4. Bruinsma SL, Marty JC, Balmina G, Biancale R, Förste C, Abrikosov O, Neumeyer H (2010b) GOCE gravity field recovery by means of the direct numerical method. In: Lacoste-Francis H (ed) Proceedings of the ESA living planet symposium (28 June–2 July 2010, Bergen, Norway), ESA publication SP-686, The Netherlands, ISBN (online) 978-92-9221-250-6, ESA/ESTECGoogle Scholar
  5. Drinkwater MR, Floberghagen R, Haagmans R, Muzi D, Popescu A (2003) GOCE: ESA’s first earth explorer core mission. In: Beutler G et al (ed) Earth gravity field from space—from sensors to earth science, space sciences series of ISSI, vol 18. Kluwer Academic Publishers, Dordrecht, The Netherlands, pp 419–432, ISBN: 1-4020-1408-2Google Scholar
  6. Fecher T, Pail R, Gruber T (2010) Global gravity field determination from terrestrial data. Poster presented at the American geophysical union fall meeting, San FranciscoGoogle Scholar
  7. Fecher T, Pail R, Gruber T (2011) Global gravity field determination by combining GOCE and complementary data. In: Ouwehand L et al. (ed) In: Proceedings of the 4th international GOCE user workshop, ESA Publication SP-696, ESA/ESTEC, Noordwijk, The Netherlands, ISBN (Online) 978-92-9092-260-5, ISSN 1609-042XGoogle Scholar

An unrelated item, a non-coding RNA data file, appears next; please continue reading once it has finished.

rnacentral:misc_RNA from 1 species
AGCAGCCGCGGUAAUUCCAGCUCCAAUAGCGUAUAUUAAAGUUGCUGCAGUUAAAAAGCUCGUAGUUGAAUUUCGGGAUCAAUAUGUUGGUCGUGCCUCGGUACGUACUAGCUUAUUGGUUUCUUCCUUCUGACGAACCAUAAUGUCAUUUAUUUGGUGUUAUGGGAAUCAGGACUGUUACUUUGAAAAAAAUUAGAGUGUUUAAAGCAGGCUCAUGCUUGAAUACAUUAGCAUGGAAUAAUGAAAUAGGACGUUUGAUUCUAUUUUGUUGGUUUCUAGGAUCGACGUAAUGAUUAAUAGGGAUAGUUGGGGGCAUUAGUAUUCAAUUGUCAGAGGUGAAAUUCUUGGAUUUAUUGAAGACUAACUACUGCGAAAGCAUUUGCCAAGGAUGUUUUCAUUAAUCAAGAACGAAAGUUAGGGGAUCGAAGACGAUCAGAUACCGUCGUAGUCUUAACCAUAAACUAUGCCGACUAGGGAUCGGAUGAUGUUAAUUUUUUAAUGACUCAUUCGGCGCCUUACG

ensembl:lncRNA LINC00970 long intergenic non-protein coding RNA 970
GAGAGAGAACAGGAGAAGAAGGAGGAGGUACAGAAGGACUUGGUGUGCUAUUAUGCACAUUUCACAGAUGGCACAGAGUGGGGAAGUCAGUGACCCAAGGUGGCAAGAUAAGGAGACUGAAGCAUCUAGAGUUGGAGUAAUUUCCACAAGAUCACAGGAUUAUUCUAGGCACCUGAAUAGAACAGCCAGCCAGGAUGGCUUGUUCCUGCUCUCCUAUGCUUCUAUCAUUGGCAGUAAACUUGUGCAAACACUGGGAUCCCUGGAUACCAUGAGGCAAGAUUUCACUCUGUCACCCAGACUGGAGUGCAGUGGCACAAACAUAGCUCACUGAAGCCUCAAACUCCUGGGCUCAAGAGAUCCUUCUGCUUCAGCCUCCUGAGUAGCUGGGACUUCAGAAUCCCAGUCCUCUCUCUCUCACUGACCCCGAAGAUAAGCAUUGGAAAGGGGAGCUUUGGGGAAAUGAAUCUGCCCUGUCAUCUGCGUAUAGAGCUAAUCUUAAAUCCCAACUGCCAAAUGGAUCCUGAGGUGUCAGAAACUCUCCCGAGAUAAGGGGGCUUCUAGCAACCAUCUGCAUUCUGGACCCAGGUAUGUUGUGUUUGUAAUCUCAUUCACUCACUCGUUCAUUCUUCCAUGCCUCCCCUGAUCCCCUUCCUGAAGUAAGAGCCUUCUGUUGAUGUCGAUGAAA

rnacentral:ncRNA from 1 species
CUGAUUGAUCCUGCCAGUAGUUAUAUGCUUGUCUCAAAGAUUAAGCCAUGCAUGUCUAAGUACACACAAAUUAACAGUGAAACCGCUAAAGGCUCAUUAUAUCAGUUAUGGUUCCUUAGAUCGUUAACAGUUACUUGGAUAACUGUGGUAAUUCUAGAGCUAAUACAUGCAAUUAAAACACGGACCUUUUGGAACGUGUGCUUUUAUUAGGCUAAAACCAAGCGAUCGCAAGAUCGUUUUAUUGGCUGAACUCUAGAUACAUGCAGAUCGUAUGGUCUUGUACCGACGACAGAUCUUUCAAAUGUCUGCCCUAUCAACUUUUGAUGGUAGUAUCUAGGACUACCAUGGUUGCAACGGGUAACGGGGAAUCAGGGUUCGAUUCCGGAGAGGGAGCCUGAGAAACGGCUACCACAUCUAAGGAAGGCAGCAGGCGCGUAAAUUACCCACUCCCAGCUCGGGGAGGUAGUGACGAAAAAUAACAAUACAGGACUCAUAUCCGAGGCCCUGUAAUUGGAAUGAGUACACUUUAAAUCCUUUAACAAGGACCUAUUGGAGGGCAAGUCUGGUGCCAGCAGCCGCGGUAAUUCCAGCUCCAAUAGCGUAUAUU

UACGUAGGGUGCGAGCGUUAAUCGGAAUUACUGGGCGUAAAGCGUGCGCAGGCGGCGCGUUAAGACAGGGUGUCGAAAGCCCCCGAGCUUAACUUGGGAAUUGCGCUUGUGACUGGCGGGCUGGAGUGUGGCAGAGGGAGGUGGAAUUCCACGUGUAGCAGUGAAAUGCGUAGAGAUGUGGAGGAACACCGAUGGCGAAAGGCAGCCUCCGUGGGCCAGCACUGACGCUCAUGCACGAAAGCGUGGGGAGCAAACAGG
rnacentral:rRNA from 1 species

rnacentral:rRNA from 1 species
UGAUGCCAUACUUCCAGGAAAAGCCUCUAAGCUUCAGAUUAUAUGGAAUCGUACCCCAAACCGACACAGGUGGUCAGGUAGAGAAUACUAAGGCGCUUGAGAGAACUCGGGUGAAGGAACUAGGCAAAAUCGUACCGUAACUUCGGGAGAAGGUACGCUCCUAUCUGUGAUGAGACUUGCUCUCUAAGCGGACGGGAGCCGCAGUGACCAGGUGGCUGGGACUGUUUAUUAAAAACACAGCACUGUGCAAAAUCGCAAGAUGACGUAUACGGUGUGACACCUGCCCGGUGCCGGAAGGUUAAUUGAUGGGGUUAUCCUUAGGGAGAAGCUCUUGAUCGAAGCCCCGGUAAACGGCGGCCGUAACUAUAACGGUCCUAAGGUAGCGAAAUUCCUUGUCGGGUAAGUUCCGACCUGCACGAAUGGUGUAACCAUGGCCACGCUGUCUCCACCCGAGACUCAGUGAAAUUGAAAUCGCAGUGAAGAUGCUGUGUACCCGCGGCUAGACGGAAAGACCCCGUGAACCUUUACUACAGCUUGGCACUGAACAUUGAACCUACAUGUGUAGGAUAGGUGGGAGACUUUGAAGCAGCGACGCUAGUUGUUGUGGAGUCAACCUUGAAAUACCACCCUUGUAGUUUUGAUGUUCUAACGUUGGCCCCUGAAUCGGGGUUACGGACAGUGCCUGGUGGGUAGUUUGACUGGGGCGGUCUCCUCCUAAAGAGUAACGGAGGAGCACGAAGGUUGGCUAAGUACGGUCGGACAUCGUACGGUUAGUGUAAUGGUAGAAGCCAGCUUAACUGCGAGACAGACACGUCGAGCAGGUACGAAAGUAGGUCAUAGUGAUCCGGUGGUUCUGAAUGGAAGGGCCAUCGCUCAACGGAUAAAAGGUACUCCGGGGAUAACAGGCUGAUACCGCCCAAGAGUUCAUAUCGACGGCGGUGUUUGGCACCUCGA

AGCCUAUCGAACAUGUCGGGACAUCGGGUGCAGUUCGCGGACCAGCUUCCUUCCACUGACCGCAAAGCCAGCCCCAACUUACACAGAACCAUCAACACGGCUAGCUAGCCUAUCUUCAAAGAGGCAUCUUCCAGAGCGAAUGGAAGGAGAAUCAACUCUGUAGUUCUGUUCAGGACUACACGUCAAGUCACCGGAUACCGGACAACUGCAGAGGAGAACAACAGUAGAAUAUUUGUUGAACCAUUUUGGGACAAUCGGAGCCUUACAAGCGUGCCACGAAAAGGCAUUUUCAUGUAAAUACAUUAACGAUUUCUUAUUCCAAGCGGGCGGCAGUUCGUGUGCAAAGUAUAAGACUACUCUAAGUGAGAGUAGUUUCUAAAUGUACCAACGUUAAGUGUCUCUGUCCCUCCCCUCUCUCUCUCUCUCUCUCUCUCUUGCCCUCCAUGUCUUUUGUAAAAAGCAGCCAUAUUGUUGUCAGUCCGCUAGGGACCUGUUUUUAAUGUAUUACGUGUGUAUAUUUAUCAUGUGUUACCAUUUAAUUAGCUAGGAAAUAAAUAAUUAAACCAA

8. Förste C, Flechtner F, Schmidt R, Stubenvoll R, Rothacher M, Kusche J, Neumayer KH, Biancale R, Lemoine JM, Barthelmes F, Bruinsma S, König R, Meyer U (2008) EIGEN-GL05C—a new global combined high-resolution GRACE-based gravity field model of the GFZ-GRGS cooperation. Geophys Res Abstr 10, EGU2008-A-03426, SRef-ID: 1607–7962/gra/EGU2008-A-03426Google Scholar
  9. Gerlach C, Földvary L, Svehla D, Gruber T, Wermuth M, Sneeuw N, Frommknecht B, Oberndorfer H, Peters T, Rothacher M, Rummel R (2003) A CHAMP-only gravity field model from kinematic orbits using the energy integral. Geophys Res Lett 30:20. doi: 10.1029/2003/GL018025 Google Scholar
  10. Han SC, Shum CK, Jekeli C, Alsdorf D (2005) Improved estimation of terrestrial water storage changes from GRACE. Geophys Res Lett 32(6):L07302Google Scholar
  11. Horwath M, Dietrich R (2009) Signal and error in mass change inferences from GRACE: the case of Antarctica. Geophys J Int 177(3):849–864. doi: 10.1111/j.1365-246X.2009.04139.x CrossRefGoogle Scholar
  12. Hosse M, Pail R, Horwath M, Mahatsente R, Götze H, Jahr T, Jentzsch M, Gutknecht BD, Köther N, Lücke O, Sharma R, Zeumann S (2011) Integrated modeling of satellite gravity data of active plate margins—bridging the gap between geodesy and geophysics. Poster presented at the AGU fall meeting, San FranciscoGoogle Scholar